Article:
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Oman Med J. 2010 Jul;25(3):199-202. doi: 10.5001/omj.2010.56.

In Vitro Susceptibility Test of Different Clinical Isolates against Ceftriaxone.



Because of the prevailing penicillin resistance in microorganisms, broad spectrum cephalosporins are used empirically specially in developing countries. The aim of this study is to determine the susceptibility pattern of different gram positive and gram negative pathogens against third generation cephalosporin-ceftriaxone to explore the existing effectiveness of this antibiotic.


180 clinical isolates of different gram positive and gram negative pathogens including P.mirabilis, S. typhi P.aeruginosa, E. coli, S. aureus and Klebsiella were collected from blood and urine samples of in-patients. 30 isolates of all species were tested against each of six brands of ceftriaxone using in vitro sensitivity tests by disc diffusion method (NCCLS criteria). The susceptibility limit was ≥21 mm zone of inhibition, while moderately susceptible was considered at 20-14 mm, and those isolates which showed >13 mm or no zone of inhibition were resistant to this antibacterial drug.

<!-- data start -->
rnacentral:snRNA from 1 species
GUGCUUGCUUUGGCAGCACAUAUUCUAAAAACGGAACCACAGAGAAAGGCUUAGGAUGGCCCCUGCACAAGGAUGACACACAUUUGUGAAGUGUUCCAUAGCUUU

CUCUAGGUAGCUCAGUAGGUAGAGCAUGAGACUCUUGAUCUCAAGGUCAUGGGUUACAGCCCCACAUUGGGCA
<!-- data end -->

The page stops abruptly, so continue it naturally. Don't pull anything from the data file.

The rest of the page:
Ceftriaxone was found most effective against S. aureus. While 96.1% of the isolates showed susceptibility towards ceftriaxone, followed by E. coli (95%), P. aeruginosa (92.7%), K. pneumonia (89.4%) and S. typhi (87.2%). P. mirabilis showed lowest susceptibility amongst all the test organisms (83.8%).


Ceftriaxone can be used as a drug of choice in infections caused by S. aureus, E. coli, P. aurigenosa, K. pneumonia and S. typhi. However, it should be used with other antimicrobial agents in order to increase its effectiveness against P. mirabilis.

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